I'm standing in line at an author's book-signing, noting some eye-catching titles on the nearby racks, like "Tantric Sex for Dummies," and "Feng Shui for Cats," when it occurs to me.
Somebody once said The Three Stooges define the difference between men and women: Men think they're hilarious and women don't. Hmm ... could be one of those high truths.
But what's the flip side of that theory? Has to be one. Then it dawns on me: Chick flicks. Absolutely. Men hate 'em and women don't.
Chick flicks have become a Hollywood cottage industry. You know what I'm talking about. They're romantic comedies with the guy played by (pick one) Ashton Kutcher, Hugh Grant, Dermot Mulroney, Topher Grace, Jimmy Fallon, Matthew McConaughey or Adam Sandler. They're paired up with (pick one) Drew Barrymore, Amanda Peet, Penelope Cruz, Jennifer Lopez, Natalie Portman, Kate Hudson or Renee Zellweger. I've left a few out, but ...
The story line: Girl meets boy, or vice versa. One is available, the other isn't; girl and boy hate each other, or boy loves girl, girl doesn't love boy, or vice versa. One is shy, sick, angry about stuff that happened in the past, has amnesia, or is a criminal. The other looks past all the bad stuff because, after all, this is a love story. Then funny/ serious stuff happens showing the reluctant part of this pair that he or she really does want to do more than hold hands. Then, finally, the fireworks go off and movie ends.
Some have great dialogue and acting. But not many.
They offer a series of cutesy romps that most women -- my bride included -- love to watch because they have the telltale "AWWWWWW" scenes that merrily skip the story along the honey brick road.
In these scenes the guy actor is solemnly, eloquently declaring his love for the actress, the way a woman wishes her guy would do instead of stuffing his face with food while asking her where the ketchup went.
But when a guy sees an "AWWWWWW" scene, he's more likely to be slurping a soda than swooning. As one TV ad shows, the only water coming out of his eyes during the "AWWWWWW" scene is melted ice he accidentally poured into his face from his drained cup of soda. His teary girlfriend looks over and thinks he's weeping over this heavy, heart-wrenching scene. She's amazed, and suddenly feels ohh so close to him.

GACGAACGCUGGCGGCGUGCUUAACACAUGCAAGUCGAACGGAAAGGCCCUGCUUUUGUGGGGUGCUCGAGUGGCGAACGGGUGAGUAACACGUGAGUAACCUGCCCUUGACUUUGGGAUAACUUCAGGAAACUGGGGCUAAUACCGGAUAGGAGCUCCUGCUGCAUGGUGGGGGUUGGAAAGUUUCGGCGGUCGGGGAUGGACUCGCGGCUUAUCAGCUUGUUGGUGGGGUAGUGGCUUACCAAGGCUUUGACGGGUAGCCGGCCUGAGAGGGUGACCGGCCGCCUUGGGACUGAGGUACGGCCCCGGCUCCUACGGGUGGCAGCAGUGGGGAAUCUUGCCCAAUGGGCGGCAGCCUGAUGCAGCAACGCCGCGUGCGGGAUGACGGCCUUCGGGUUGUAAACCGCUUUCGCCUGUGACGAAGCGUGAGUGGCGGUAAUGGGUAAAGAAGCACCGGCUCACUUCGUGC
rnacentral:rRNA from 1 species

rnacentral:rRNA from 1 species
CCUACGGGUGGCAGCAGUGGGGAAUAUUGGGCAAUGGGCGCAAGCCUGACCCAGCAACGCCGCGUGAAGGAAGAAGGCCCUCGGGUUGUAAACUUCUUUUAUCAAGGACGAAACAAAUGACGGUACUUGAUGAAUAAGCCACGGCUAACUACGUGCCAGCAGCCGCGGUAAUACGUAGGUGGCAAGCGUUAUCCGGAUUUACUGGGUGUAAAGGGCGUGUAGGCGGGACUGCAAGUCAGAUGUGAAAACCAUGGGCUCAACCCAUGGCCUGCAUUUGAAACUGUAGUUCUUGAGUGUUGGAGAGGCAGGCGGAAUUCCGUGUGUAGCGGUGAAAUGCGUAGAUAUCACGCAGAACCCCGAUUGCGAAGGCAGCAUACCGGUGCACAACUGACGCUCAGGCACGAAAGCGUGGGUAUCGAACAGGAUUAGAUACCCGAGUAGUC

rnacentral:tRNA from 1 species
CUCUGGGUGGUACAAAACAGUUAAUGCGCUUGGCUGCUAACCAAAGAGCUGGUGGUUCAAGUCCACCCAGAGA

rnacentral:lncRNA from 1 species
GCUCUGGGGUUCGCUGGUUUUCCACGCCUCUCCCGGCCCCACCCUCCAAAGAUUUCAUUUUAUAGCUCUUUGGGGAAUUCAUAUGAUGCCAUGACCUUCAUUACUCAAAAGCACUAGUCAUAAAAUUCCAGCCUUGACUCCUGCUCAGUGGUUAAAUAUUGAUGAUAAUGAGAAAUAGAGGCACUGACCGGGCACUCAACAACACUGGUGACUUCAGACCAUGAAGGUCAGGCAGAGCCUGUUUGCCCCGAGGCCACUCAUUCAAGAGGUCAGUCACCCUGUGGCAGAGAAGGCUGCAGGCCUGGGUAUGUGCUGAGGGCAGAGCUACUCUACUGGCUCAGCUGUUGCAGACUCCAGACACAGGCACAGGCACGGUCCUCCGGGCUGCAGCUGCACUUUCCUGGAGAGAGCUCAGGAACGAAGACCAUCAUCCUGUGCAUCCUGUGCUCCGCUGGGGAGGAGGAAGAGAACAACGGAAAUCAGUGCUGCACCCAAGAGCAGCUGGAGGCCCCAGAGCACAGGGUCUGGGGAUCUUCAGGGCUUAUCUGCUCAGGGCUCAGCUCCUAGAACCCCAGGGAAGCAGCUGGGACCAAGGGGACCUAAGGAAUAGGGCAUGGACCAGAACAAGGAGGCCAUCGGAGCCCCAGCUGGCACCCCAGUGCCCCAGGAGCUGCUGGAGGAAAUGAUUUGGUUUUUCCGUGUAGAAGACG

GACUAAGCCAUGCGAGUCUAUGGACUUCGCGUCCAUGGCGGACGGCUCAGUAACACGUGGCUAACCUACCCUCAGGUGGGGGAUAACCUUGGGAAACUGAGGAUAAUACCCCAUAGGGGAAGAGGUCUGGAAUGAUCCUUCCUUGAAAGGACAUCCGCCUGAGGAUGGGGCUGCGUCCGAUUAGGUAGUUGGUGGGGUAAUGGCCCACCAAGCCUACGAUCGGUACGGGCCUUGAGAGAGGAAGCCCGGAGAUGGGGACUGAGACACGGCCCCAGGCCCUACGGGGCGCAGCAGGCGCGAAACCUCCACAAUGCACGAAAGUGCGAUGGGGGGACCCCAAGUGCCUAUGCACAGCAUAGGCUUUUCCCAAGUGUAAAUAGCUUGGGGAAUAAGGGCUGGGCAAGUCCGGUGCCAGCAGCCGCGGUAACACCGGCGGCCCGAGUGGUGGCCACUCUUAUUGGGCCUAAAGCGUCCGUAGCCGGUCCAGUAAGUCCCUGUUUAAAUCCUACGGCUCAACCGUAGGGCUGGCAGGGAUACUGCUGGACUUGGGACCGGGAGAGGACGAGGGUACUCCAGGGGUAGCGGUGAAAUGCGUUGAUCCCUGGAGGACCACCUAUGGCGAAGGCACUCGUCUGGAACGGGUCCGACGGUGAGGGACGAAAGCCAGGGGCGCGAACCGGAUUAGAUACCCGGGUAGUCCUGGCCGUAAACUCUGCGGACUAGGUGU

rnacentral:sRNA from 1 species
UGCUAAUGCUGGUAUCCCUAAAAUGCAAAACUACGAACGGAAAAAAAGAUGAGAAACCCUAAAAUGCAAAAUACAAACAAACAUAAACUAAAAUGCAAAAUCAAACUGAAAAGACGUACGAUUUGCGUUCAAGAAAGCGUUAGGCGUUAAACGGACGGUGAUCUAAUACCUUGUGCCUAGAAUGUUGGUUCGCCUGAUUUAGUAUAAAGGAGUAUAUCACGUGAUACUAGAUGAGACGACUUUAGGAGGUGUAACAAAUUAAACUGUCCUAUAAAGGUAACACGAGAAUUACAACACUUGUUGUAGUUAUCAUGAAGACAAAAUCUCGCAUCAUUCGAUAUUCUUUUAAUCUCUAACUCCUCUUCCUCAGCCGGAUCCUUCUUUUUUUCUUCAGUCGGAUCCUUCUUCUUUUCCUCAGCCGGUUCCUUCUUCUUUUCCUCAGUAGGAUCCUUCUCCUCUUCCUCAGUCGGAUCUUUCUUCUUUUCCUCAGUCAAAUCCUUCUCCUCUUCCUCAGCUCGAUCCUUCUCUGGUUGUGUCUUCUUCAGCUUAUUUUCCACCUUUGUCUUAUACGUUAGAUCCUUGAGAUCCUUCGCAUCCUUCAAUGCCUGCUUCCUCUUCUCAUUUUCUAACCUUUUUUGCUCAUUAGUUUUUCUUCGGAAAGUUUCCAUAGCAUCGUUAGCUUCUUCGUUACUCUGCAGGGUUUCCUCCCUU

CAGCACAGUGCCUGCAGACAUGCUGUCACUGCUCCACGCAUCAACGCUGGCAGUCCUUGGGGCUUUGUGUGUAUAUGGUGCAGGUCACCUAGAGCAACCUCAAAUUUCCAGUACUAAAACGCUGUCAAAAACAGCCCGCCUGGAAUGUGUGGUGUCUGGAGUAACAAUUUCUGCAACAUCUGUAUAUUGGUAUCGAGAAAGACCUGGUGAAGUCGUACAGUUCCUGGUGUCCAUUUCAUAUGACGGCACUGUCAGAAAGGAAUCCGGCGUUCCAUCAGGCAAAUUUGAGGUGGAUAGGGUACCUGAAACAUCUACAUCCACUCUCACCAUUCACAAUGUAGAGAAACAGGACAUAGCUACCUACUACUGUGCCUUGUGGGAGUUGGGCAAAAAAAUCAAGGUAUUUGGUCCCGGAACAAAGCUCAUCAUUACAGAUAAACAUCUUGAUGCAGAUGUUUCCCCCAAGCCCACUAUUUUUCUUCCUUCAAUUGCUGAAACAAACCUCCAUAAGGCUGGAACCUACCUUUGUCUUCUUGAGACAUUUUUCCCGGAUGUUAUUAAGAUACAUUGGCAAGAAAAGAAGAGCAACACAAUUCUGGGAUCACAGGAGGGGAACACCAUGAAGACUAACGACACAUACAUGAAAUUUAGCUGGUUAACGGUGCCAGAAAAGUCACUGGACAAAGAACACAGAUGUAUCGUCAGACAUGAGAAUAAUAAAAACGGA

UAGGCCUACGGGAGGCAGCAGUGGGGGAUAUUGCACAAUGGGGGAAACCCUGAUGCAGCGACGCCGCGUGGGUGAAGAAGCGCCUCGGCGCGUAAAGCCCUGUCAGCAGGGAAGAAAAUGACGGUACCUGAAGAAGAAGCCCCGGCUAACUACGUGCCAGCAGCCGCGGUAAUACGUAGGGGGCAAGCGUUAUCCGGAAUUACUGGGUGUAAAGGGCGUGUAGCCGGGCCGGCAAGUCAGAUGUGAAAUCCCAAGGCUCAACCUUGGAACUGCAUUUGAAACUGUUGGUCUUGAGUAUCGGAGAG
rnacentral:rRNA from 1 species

The guy doesn't get it, but perks up when he sees her giving him the knowing "Oh yeah ..." look.
"He's so sensitive," she'll tell her friends the next day. "He may be The One."
Women at chick flicks are like shaky-legged, drought-stricken fawns finding a lush water hole, able to drink clean, cool water as birdies chirp. There's nary a menace in the chick flick, no snackready crocodiles lurking just beneath the water's surface.
These movies are everywhere, and my wife wants to see them all.
So she worked out a great system. She and her girlfriends at work, also chick-flick fans, go see one once a month.
My bride is very considerate. She first asks me if I want to see the movie she and the girls are thinking about going to. All I need to hear is the title and the actors, and most of the time my brain flashes a message to my vocal cords and I hear myself saying, "Uh, no ... no thanks, you go ahead."
They go and come back filled with chick-flick affirmations on sap and circumstance.
Now I don't need to see only movies with body counts, 200-foot waves wiping out coastal cities, exploding cars and crazy robot tantrums.
While these action flicks are sometimes watchable for me, let's face it, most of them are just bigscreen attempts to shock us out of life-induced stupors with things that go boom. Call me crazy, but what's wrong with movies with interesting characters? Ones portraying complex, but human qualities. You know, ones that don't have Jim Carrey, Robin Williams or Carrot Top.
No, all the movie has to have for me is a fairly original story line, and good actors playing welldeveloped characters. For me -- and my bride likes these kinds of movies, too -- they tend to be offbeat indie or foreign films.
I gladly go see these movies. If they're flawed, I don't care; it just adds to their charm.
Which brings me to a third type of movie. The film which I'm sure will be horrible, but which my bride insists we go see together. I'll go, bracing for the worst. But honestly, most of the time I end up liking it -- even if it has a few chick-flick touches.
We'll watch it together, laughing at the funny parts. But then if the movie -- this good movie -starts mercilessly pushing the sad buttons, I have no choice. I'm a captive audience. There's only one thing for me to do. Blink, really hard.